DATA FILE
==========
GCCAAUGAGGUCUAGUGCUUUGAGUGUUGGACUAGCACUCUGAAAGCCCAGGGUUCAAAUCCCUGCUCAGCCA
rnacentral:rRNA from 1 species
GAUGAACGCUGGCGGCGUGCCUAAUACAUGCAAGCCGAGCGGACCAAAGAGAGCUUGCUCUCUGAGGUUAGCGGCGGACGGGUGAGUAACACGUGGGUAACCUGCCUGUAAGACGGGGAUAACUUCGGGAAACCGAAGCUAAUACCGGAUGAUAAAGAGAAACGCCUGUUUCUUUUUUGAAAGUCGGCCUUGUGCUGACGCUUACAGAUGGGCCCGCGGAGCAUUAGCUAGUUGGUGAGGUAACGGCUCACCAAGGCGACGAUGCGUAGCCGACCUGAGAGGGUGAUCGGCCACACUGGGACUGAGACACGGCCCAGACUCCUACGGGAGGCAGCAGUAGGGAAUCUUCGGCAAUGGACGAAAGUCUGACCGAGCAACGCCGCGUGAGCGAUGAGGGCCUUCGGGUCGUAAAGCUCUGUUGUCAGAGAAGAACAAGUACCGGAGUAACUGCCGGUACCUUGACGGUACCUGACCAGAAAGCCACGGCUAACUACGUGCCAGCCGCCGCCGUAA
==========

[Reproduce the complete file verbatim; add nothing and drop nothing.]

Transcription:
GCCAAUGAGGUCUAGUGCUUUGAGUGUUGGACUAGCACUCUGAAAGCCCAGGGUUCAAAUCCCUGCUCAGCCA
rnacentral:rRNA from 1 species
GAUGAACGCUGGCGGCGUGCCUAAUACAUGCAAGCCGAGCGGACCAAAGAGAGCUUGCUCUCUGAGGUUAGCGGCGGACGGGUGAGUAACACGUGGGUAACCUGCCUGUAAGACGGGGAUAACUUCGGGAAACCGAAGCUAAUACCGGAUGAUAAAGAGAAACGCCUGUUUCUUUUUUGAAAGUCGGCCUUGUGCUGACGCUUACAGAUGGGCCCGCGGAGCAUUAGCUAGUUGGUGAGGUAACGGCUCACCAAGGCGACGAUGCGUAGCCGACCUGAGAGGGUGAUCGGCCACACUGGGACUGAGACACGGCCCAGACUCCUACGGGAGGCAGCAGUAGGGAAUCUUCGGCAAUGGACGAAAGUCUGACCGAGCAACGCCGCGUGAGCGAUGAGGGCCUUCGGGUCGUAAAGCUCUGUUGUCAGAGAAGAACAAGUACCGGAGUAACUGCCGGUACCUUGACGGUACCUGACCAGAAAGCCACGGCUAACUACGUGCCAGCCGCCGCCGUAA